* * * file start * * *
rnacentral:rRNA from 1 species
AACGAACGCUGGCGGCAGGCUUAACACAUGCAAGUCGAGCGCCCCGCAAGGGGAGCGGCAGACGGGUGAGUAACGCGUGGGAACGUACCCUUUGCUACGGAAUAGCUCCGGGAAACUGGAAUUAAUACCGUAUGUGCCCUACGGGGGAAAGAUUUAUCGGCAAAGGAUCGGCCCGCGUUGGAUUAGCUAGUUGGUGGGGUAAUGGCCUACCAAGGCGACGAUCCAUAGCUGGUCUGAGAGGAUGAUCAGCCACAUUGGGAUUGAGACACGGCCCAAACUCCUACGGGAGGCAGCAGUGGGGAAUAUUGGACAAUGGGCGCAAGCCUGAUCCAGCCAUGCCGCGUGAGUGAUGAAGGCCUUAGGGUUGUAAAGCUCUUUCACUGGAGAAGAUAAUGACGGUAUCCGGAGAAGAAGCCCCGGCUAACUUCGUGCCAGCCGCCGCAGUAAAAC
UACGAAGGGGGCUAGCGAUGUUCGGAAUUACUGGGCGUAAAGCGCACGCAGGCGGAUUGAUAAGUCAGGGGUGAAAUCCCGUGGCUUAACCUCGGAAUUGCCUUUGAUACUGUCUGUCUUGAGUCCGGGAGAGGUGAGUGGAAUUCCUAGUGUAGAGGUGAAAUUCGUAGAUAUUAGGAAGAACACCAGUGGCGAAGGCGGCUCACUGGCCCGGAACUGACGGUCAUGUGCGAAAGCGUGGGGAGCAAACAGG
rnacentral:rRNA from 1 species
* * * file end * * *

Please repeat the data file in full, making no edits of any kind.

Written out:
rnacentral:rRNA from 1 species
AACGAACGCUGGCGGCAGGCUUAACACAUGCAAGUCGAGCGCCCCGCAAGGGGAGCGGCAGACGGGUGAGUAACGCGUGGGAACGUACCCUUUGCUACGGAAUAGCUCCGGGAAACUGGAAUUAAUACCGUAUGUGCCCUACGGGGGAAAGAUUUAUCGGCAAAGGAUCGGCCCGCGUUGGAUUAGCUAGUUGGUGGGGUAAUGGCCUACCAAGGCGACGAUCCAUAGCUGGUCUGAGAGGAUGAUCAGCCACAUUGGGAUUGAGACACGGCCCAAACUCCUACGGGAGGCAGCAGUGGGGAAUAUUGGACAAUGGGCGCAAGCCUGAUCCAGCCAUGCCGCGUGAGUGAUGAAGGCCUUAGGGUUGUAAAGCUCUUUCACUGGAGAAGAUAAUGACGGUAUCCGGAGAAGAAGCCCCGGCUAACUUCGUGCCAGCCGCCGCAGUAAAAC
UACGAAGGGGGCUAGCGAUGUUCGGAAUUACUGGGCGUAAAGCGCACGCAGGCGGAUUGAUAAGUCAGGGGUGAAAUCCCGUGGCUUAACCUCGGAAUUGCCUUUGAUACUGUCUGUCUUGAGUCCGGGAGAGGUGAGUGGAAUUCCUAGUGUAGAGGUGAAAUUCGUAGAUAUUAGGAAGAACACCAGUGGCGAAGGCGGCUCACUGGCCCGGAACUGACGGUCAUGUGCGAAAGCGUGGGGAGCAAACAGG
rnacentral:rRNA from 1 species